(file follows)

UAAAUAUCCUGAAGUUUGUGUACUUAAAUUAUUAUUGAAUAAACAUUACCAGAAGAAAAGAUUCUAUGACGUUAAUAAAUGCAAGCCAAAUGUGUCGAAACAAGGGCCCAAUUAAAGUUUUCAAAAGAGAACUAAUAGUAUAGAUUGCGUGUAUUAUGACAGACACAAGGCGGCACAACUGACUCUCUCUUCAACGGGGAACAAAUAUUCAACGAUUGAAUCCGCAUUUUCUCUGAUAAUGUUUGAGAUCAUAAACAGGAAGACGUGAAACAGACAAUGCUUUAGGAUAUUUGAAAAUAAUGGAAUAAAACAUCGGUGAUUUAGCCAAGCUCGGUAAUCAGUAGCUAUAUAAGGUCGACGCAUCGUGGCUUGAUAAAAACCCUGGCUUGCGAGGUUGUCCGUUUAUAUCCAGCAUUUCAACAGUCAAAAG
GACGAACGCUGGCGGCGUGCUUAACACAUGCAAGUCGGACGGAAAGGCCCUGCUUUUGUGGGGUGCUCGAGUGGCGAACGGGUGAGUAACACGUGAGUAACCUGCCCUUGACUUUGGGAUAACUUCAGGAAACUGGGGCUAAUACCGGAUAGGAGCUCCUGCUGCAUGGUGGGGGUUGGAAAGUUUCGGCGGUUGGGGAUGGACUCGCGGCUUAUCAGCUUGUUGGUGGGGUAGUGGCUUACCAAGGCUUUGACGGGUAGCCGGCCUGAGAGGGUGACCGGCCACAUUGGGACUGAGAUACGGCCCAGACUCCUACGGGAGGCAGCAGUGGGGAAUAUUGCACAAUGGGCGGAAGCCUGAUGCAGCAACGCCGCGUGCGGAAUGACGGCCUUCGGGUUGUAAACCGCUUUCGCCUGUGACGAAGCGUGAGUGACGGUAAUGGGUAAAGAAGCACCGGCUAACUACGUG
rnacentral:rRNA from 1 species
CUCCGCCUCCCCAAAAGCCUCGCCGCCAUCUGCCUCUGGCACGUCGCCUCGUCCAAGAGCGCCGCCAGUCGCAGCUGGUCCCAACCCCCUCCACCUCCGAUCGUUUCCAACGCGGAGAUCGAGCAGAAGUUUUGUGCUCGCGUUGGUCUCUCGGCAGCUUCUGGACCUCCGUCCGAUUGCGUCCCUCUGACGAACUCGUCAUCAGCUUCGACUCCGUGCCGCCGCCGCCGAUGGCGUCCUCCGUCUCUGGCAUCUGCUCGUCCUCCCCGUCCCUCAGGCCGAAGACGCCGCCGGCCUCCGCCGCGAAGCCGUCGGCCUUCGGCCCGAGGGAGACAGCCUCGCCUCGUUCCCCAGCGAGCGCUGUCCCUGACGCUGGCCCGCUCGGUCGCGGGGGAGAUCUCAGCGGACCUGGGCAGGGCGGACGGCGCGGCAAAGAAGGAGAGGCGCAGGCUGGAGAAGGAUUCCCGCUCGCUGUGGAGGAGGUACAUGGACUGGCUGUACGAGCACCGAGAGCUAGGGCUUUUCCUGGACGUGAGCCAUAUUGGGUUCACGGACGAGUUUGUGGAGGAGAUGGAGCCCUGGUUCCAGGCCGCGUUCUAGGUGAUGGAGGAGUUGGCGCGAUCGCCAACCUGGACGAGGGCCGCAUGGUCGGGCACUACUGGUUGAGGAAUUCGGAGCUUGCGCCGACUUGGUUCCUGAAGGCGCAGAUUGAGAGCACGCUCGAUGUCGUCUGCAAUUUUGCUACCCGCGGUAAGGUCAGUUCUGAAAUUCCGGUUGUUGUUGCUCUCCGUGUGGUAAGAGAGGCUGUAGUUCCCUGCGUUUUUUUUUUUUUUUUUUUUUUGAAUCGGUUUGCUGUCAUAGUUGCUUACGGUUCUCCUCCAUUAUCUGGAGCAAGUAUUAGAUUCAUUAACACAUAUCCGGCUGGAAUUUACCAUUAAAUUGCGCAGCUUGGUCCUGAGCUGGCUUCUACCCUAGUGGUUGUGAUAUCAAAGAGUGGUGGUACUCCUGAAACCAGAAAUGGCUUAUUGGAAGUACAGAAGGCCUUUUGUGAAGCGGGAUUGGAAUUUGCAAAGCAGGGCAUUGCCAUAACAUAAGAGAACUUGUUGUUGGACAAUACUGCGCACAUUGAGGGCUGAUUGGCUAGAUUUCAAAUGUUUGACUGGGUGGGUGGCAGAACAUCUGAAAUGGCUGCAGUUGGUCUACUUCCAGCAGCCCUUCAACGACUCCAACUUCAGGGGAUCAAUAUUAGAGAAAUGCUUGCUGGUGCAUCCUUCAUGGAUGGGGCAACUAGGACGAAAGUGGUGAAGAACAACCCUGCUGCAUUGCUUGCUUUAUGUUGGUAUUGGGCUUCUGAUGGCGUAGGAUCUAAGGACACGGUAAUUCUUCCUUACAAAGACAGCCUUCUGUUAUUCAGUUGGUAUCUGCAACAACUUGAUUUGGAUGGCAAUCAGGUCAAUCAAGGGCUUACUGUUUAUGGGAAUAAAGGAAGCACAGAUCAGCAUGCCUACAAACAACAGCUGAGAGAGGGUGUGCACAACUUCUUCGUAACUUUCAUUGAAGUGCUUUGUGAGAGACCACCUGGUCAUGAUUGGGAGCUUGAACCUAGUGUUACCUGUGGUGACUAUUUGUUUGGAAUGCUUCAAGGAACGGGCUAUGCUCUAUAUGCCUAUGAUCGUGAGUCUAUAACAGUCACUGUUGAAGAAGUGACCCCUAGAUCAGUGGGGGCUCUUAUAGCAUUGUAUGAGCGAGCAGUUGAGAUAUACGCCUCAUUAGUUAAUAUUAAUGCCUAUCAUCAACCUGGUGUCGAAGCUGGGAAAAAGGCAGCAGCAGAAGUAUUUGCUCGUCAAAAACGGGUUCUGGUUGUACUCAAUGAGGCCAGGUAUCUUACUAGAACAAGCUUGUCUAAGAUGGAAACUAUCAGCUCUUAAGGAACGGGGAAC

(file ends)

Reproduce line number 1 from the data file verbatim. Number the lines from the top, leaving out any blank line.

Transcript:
UAAAUAUCCUGAAGUUUGUGUACUUAAAUUAUUAUUGAAUAAACAUUACCAGAAGAAAAGAUUCUAUGACGUUAAUAAAUGCAAGCCAAAUGUGUCGAAACAAGGGCCCAAUUAAAGUUUUCAAAAGAGAACUAAUAGUAUAGAUUGCGUGUAUUAUGACAGACACAAGGCGGCACAACUGACUCUCUCUUCAACGGGGAACAAAUAUUCAACGAUUGAAUCCGCAUUUUCUCUGAUAAUGUUUGAGAUCAUAAACAGGAAGACGUGAAACAGACAAUGCUUUAGGAUAUUUGAAAAUAAUGGAAUAAAACAUCGGUGAUUUAGCCAAGCUCGGUAAUCAGUAGCUAUAUAAGGUCGACGCAUCGUGGCUUGAUAAAAACCCUGGCUUGCGAGGUUGUCCGUUUAUAUCCAGCAUUUCAACAGUCAAAAG